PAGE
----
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1 In the beginning was the Word, and the Word was with God, and the Word was God.


With singular abruptness John introduces Jesus as the Word. The Bible concerns itself with God’s revelation of Himself to man.

The prologue of John sets forth Jesus as the Word (1:1-18). The prologue is a preview of the entire gospel of John. The deity of Christ is the keynote of this book. We should not look upon Jesus as simply a human being; we need to see Him as God Himself.


Note the repetition of the word “was” three times: “was . . . was . . . was.” The Word existed in the unbegun beginning with the Father. The word “was” here means something constantly going on in the past (imperfect tense). The Word was constantly in eternity past God Himself.

The verb “was” is an absolute state-of-being verb. This indicates that the Word was God. The Word did not merely speak for God; He was God. This shows that the Word was, in His absolute state of being, God. There is no middle ground between God and man or creation.

The tense (imperfect) shows that the Word existed continually in the past in eternity and before creation as God. Time and space did not limit Him. Eternity is not time; it is the opposite of time.

In John 8:58 the Apostle used the same word “was” for preexistence. Before Abraham existed, the Word existed. There was no time when the Word did not exist; He existed for eternity. Arians and Jehovah’s Witnesses are flatly wrong in their assertion that the Word was a created being. There was no time when He was not.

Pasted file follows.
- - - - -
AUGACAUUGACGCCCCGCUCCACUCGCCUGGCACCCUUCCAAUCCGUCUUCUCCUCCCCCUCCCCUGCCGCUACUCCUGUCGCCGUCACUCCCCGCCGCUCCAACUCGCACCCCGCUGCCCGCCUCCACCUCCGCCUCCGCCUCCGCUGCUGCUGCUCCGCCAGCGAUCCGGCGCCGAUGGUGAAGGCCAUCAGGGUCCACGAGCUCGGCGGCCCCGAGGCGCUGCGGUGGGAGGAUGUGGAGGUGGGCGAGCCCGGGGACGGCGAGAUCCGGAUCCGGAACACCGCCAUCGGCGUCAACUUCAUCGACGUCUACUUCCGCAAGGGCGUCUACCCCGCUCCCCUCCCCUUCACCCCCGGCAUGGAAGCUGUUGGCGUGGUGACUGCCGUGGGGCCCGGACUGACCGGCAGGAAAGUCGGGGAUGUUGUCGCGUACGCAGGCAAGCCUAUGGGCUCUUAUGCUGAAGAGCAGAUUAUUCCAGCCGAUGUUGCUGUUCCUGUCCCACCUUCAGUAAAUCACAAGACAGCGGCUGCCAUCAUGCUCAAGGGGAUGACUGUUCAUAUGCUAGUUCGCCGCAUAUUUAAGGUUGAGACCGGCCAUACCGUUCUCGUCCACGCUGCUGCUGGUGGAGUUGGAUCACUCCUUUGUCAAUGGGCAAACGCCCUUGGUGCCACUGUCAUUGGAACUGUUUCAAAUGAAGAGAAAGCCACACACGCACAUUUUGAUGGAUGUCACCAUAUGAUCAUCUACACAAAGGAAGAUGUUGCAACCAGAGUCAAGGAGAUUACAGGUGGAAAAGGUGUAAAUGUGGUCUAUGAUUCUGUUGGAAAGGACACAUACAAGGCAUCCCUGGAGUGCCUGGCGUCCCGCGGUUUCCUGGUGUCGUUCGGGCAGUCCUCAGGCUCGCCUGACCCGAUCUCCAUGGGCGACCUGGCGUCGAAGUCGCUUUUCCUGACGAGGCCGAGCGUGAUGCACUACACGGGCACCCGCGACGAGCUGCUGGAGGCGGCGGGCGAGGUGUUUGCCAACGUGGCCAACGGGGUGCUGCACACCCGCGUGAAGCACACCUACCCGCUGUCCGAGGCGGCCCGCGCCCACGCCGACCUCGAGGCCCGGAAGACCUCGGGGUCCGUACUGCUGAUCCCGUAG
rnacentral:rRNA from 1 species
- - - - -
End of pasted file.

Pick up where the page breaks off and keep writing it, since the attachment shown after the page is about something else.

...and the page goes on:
Jesus said to them, “Most assuredly, I say to you, before Abraham was, I AM [same word as “was” in Jn 1:1].” (Jn 8:58)

the Word

The idea of “the Word” is an expression of personality who can communicate or reveal. Just as words convey ideas, so the Word reveals who God is. The significance of the word “Word” would have had an impact on Gentiles as well as Jews. The Word was and is the absolute revelation of God personified as the Son of God.

In verse 14 the Holy Spirit says that this same “Word” “became” flesh (physical). The word “became” here means to become something that He was not before. What He was before was God Almighty; what He became was human

The word “Word” indicates that it is the very nature of God to reveal Himself. God is not indifferent to mankind or aloof. To know God is life itself (17:3). This goes far beyond information; this is to experience eternal life.


It is the very nature of God to reveal Himself.


Christianity, and only Christianity, sets forth God as the Word in communication with mankind—a communication that involved His coming to earth as a human being. Christ came as the revelation of God and His heart.

The “Word” carries the idea that it is the very nature of God to reveal Himself. A man’s word is the means whereby he reveals his thoughts. God is not aloof or indifferent to man. To know God is life itself and life eternal (John 17:3). Since it is the very nature of God to reveal Himself, He is not indifferent to man or aloof from him. Knowledge of God is more than information; it is life itself.

The Christian finds in the Son of God the very life and power that are from God Himself; he discovers everything he needs about God. The Son makes God known as the Word. Only through God is God known.

Our regard of Jesus is central to our spirituality. We cannot simply admire Him as the best of men; we must worship Him as God. If we build our view of Christianity on the humanity of Christ, we will fall miserably short of what God expects of us.

The heretical cult of the Arians maintained that there was a period when the Son did not exist. But the Word reached back indefinitely beyond the beginning of the universe.